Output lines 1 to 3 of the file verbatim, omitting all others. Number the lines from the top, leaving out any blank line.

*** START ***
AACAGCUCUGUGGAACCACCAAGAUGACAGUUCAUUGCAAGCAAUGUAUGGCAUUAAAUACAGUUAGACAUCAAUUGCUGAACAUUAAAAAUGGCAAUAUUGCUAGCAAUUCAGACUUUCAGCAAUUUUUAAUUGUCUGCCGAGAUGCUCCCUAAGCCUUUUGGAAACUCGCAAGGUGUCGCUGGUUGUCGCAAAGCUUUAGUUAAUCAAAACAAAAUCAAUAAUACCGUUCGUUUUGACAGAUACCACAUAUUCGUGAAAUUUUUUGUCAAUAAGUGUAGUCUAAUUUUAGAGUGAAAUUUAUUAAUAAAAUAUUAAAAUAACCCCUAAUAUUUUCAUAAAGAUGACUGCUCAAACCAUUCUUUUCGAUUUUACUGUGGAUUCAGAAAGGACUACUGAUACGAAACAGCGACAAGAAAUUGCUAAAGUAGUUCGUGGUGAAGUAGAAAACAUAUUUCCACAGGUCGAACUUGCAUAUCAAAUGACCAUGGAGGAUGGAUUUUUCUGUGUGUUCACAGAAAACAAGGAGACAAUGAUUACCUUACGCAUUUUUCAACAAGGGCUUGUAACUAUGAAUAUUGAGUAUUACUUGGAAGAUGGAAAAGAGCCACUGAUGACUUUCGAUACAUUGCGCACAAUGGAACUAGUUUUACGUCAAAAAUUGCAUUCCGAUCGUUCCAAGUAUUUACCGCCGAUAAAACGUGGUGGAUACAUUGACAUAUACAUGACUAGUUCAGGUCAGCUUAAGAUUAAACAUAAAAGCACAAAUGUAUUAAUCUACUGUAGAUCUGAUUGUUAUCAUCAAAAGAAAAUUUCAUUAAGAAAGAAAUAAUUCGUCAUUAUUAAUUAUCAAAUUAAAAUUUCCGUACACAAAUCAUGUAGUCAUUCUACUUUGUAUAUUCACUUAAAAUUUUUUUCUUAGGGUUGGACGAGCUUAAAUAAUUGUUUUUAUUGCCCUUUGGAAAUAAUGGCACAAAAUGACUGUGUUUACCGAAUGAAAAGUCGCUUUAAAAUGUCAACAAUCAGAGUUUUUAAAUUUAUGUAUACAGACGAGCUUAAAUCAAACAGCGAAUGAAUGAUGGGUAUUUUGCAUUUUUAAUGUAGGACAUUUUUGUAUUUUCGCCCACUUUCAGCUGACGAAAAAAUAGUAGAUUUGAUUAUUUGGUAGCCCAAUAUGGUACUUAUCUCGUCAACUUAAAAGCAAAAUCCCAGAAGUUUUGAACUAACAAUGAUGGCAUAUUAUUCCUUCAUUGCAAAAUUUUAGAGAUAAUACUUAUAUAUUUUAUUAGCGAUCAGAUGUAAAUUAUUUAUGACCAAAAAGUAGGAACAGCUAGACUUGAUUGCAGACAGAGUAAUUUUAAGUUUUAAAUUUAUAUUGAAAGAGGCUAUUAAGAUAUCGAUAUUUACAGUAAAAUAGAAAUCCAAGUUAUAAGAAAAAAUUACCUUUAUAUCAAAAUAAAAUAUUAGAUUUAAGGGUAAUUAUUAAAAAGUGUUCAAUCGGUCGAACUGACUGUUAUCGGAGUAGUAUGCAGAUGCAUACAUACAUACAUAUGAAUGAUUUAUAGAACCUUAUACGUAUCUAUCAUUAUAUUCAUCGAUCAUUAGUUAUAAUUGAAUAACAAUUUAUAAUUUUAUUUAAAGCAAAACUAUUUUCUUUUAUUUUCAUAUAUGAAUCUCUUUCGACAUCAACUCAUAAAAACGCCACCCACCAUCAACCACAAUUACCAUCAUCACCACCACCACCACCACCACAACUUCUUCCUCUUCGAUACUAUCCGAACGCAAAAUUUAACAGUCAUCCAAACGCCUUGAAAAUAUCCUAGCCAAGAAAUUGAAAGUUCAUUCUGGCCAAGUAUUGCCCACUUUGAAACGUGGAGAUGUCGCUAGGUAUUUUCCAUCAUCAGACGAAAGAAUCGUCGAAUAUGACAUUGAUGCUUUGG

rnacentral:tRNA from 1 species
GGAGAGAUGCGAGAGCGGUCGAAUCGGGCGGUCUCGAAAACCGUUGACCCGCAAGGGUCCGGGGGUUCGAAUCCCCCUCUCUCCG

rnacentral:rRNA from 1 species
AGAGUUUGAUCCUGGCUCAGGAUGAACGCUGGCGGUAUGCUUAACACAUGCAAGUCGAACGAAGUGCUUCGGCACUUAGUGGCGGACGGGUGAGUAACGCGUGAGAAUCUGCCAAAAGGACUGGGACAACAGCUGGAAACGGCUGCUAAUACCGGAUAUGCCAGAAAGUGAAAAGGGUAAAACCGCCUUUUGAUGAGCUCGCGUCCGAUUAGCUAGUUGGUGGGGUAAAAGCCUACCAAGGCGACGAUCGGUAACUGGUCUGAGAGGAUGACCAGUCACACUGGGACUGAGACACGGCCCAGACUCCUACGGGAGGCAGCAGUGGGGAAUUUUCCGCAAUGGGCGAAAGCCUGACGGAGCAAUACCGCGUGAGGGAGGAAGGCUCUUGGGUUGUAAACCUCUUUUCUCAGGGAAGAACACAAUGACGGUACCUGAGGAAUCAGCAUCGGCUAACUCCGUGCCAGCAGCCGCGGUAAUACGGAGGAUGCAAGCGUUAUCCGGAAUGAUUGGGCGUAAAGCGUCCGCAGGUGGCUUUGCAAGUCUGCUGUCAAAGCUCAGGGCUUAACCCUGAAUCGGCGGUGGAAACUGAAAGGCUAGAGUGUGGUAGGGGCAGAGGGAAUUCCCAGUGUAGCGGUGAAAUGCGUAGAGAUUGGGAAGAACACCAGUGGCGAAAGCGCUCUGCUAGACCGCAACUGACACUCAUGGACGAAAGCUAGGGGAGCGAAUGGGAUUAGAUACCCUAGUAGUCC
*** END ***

AACAGCUCUGUGGAACCACCAAGAUGACAGUUCAUUGCAAGCAAUGUAUGGCAUUAAAUACAGUUAGACAUCAAUUGCUGAACAUUAAAAAUGGCAAUAUUGCUAGCAAUUCAGACUUUCAGCAAUUUUUAAUUGUCUGCCGAGAUGCUCCCUAAGCCUUUUGGAAACUCGCAAGGUGUCGCUGGUUGUCGCAAAGCUUUAGUUAAUCAAAACAAAAUCAAUAAUACCGUUCGUUUUGACAGAUACCACAUAUUCGUGAAAUUUUUUGUCAAUAAGUGUAGUCUAAUUUUAGAGUGAAAUUUAUUAAUAAAAUAUUAAAAUAACCCCUAAUAUUUUCAUAAAGAUGACUGCUCAAACCAUUCUUUUCGAUUUUACUGUGGAUUCAGAAAGGACUACUGAUACGAAACAGCGACAAGAAAUUGCUAAAGUAGUUCGUGGUGAAGUAGAAAACAUAUUUCCACAGGUCGAACUUGCAUAUCAAAUGACCAUGGAGGAUGGAUUUUUCUGUGUGUUCACAGAAAACAAGGAGACAAUGAUUACCUUACGCAUUUUUCAACAAGGGCUUGUAACUAUGAAUAUUGAGUAUUACUUGGAAGAUGGAAAAGAGCCACUGAUGACUUUCGAUACAUUGCGCACAAUGGAACUAGUUUUACGUCAAAAAUUGCAUUCCGAUCGUUCCAAGUAUUUACCGCCGAUAAAACGUGGUGGAUACAUUGACAUAUACAUGACUAGUUCAGGUCAGCUUAAGAUUAAACAUAAAAGCACAAAUGUAUUAAUCUACUGUAGAUCUGAUUGUUAUCAUCAAAAGAAAAUUUCAUUAAGAAAGAAAUAAUUCGUCAUUAUUAAUUAUCAAAUUAAAAUUUCCGUACACAAAUCAUGUAGUCAUUCUACUUUGUAUAUUCACUUAAAAUUUUUUUCUUAGGGUUGGACGAGCUUAAAUAAUUGUUUUUAUUGCCCUUUGGAAAUAAUGGCACAAAAUGACUGUGUUUACCGAAUGAAAAGUCGCUUUAAAAUGUCAACAAUCAGAGUUUUUAAAUUUAUGUAUACAGACGAGCUUAAAUCAAACAGCGAAUGAAUGAUGGGUAUUUUGCAUUUUUAAUGUAGGACAUUUUUGUAUUUUCGCCCACUUUCAGCUGACGAAAAAAUAGUAGAUUUGAUUAUUUGGUAGCCCAAUAUGGUACUUAUCUCGUCAACUUAAAAGCAAAAUCCCAGAAGUUUUGAACUAACAAUGAUGGCAUAUUAUUCCUUCAUUGCAAAAUUUUAGAGAUAAUACUUAUAUAUUUUAUUAGCGAUCAGAUGUAAAUUAUUUAUGACCAAAAAGUAGGAACAGCUAGACUUGAUUGCAGACAGAGUAAUUUUAAGUUUUAAAUUUAUAUUGAAAGAGGCUAUUAAGAUAUCGAUAUUUACAGUAAAAUAGAAAUCCAAGUUAUAAGAAAAAAUUACCUUUAUAUCAAAAUAAAAUAUUAGAUUUAAGGGUAAUUAUUAAAAAGUGUUCAAUCGGUCGAACUGACUGUUAUCGGAGUAGUAUGCAGAUGCAUACAUACAUACAUAUGAAUGAUUUAUAGAACCUUAUACGUAUCUAUCAUUAUAUUCAUCGAUCAUUAGUUAUAAUUGAAUAACAAUUUAUAAUUUUAUUUAAAGCAAAACUAUUUUCUUUUAUUUUCAUAUAUGAAUCUCUUUCGACAUCAACUCAUAAAAACGCCACCCACCAUCAACCACAAUUACCAUCAUCACCACCACCACCACCACCACAACUUCUUCCUCUUCGAUACUAUCCGAACGCAAAAUUUAACAGUCAUCCAAACGCCUUGAAAAUAUCCUAGCCAAGAAAUUGAAAGUUCAUUCUGGCCAAGUAUUGCCCACUUUGAAACGUGGAGAUGUCGCUAGGUAUUUUCCAUCAUCAGACGAAAGAAUCGUCGAAUAUGACAUUGAUGCUUUGG

rnacentral:tRNA from 1 species
GGAGAGAUGCGAGAGCGGUCGAAUCGGGCGGUCUCGAAAACCGUUGACCCGCAAGGGUCCGGGGGUUCGAAUCCCCCUCUCUCCG